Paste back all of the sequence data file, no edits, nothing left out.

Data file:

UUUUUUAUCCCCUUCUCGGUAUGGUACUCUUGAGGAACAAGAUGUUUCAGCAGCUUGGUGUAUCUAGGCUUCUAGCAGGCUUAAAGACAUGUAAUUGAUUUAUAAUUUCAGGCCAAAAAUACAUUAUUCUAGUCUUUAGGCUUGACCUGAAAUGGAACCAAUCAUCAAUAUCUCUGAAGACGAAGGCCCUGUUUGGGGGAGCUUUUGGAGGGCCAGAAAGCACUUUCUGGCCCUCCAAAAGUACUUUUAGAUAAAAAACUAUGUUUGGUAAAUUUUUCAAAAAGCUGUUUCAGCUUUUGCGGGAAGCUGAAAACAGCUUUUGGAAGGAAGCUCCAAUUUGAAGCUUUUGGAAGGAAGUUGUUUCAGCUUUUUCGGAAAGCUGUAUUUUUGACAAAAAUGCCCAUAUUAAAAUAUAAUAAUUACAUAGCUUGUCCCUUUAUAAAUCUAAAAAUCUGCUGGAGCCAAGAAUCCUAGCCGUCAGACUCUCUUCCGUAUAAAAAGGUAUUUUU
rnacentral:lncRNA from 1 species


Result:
UUUUUUAUCCCCUUCUCGGUAUGGUACUCUUGAGGAACAAGAUGUUUCAGCAGCUUGGUGUAUCUAGGCUUCUAGCAGGCUUAAAGACAUGUAAUUGAUUUAUAAUUUCAGGCCAAAAAUACAUUAUUCUAGUCUUUAGGCUUGACCUGAAAUGGAACCAAUCAUCAAUAUCUCUGAAGACGAAGGCCCUGUUUGGGGGAGCUUUUGGAGGGCCAGAAAGCACUUUCUGGCCCUCCAAAAGUACUUUUAGAUAAAAAACUAUGUUUGGUAAAUUUUUCAAAAAGCUGUUUCAGCUUUUGCGGGAAGCUGAAAACAGCUUUUGGAAGGAAGCUCCAAUUUGAAGCUUUUGGAAGGAAGUUGUUUCAGCUUUUUCGGAAAGCUGUAUUUUUGACAAAAAUGCCCAUAUUAAAAUAUAAUAAUUACAUAGCUUGUCCCUUUAUAAAUCUAAAAAUCUGCUGGAGCCAAGAAUCCUAGCCGUCAGACUCUCUUCCGUAUAAAAAGGUAUUUUU
rnacentral:lncRNA from 1 species